1887
Volume 16, Issue 1
  • ISSN 1387-6759
  • E-ISSN: 1569-9897
USD
Buy:$35.00 + Taxes

Abstract

Abstracts play a major role as time-saving and information-managing devices in our globalized world of scientific communication. In many non-Anglophone academic journals the pressure to disseminate results internationally is manifested in the requirement to write an English version of the abstract, usually a requisite for the journal to be included in international databases and citation indexes. In this paper it is my aim to investigate the main lexicogrammatical choices which contribute to the identification of rhetorical moves in research article (RA) abstracts translated into English by Spanish academics, and which are published in prestigious national journals as a requisite for those journals to be included in international databases. To carry out this analysis, three sets of texts have been compiled: (i) Spanish abstracts published in prestigious Spanish journals, (ii) their corresponding English translations published in the same journals; (iii) RA abstracts written in English by Anglophone academics (affiliated to Anglophone institutions) and published in leading international journals whose language of publication is English. I will focus on the discipline of Sociology, an emergent field for Spanish academics in terms of their contribution to the international arena. My ultimate aim is to explore how English translations compare with English L1 abstracts in terms of lexicogrammatical choices.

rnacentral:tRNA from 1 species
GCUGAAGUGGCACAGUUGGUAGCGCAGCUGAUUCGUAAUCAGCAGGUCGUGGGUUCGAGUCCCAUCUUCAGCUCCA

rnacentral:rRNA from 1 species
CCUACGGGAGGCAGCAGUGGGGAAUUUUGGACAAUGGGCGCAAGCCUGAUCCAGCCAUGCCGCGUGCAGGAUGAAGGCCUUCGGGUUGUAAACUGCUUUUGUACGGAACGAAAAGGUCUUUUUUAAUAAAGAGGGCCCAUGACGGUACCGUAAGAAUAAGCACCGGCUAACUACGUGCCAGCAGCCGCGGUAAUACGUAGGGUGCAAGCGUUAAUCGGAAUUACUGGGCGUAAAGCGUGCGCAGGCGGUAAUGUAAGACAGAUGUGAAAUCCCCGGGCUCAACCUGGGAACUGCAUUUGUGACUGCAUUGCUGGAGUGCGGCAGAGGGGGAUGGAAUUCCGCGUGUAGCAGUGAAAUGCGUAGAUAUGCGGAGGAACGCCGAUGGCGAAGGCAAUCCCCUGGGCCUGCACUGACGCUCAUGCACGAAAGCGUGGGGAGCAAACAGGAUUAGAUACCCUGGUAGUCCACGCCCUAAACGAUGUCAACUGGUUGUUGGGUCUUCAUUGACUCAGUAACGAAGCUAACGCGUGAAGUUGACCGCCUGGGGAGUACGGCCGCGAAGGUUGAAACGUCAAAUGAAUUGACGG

Loading

Article metrics loading...

/content/journals/10.1075/lic.16.1.06lor
2016-01-01
2019-09-15
Loading full text...

Full text loading...

References

http://instance.metastore.ingenta.com/content/journals/10.1075/lic.16.1.06lor
Loading
This is a required field
Please enter a valid email address
Approval was successful
Invalid data
An Error Occurred
Approval was partially successful, following selected items could not be processed due to error